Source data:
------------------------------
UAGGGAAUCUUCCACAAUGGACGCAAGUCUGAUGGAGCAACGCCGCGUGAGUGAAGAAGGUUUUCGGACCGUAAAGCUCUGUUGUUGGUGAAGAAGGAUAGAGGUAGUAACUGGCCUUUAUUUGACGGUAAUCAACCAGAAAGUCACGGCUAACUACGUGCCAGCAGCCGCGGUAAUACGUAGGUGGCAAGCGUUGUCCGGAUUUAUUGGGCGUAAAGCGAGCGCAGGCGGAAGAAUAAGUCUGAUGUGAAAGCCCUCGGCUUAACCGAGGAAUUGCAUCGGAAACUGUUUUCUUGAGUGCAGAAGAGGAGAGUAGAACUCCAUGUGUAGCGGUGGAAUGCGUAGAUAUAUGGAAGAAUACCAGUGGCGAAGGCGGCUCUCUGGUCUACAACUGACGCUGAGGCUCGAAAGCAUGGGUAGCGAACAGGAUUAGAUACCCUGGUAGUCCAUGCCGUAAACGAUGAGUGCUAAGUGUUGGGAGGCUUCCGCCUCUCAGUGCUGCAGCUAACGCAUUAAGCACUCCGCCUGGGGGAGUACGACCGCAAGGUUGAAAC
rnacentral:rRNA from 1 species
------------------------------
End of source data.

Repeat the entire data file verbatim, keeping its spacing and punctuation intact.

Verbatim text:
UAGGGAAUCUUCCACAAUGGACGCAAGUCUGAUGGAGCAACGCCGCGUGAGUGAAGAAGGUUUUCGGACCGUAAAGCUCUGUUGUUGGUGAAGAAGGAUAGAGGUAGUAACUGGCCUUUAUUUGACGGUAAUCAACCAGAAAGUCACGGCUAACUACGUGCCAGCAGCCGCGGUAAUACGUAGGUGGCAAGCGUUGUCCGGAUUUAUUGGGCGUAAAGCGAGCGCAGGCGGAAGAAUAAGUCUGAUGUGAAAGCCCUCGGCUUAACCGAGGAAUUGCAUCGGAAACUGUUUUCUUGAGUGCAGAAGAGGAGAGUAGAACUCCAUGUGUAGCGGUGGAAUGCGUAGAUAUAUGGAAGAAUACCAGUGGCGAAGGCGGCUCUCUGGUCUACAACUGACGCUGAGGCUCGAAAGCAUGGGUAGCGAACAGGAUUAGAUACCCUGGUAGUCCAUGCCGUAAACGAUGAGUGCUAAGUGUUGGGAGGCUUCCGCCUCUCAGUGCUGCAGCUAACGCAUUAAGCACUCCGCCUGGGGGAGUACGACCGCAAGGUUGAAAC
rnacentral:rRNA from 1 species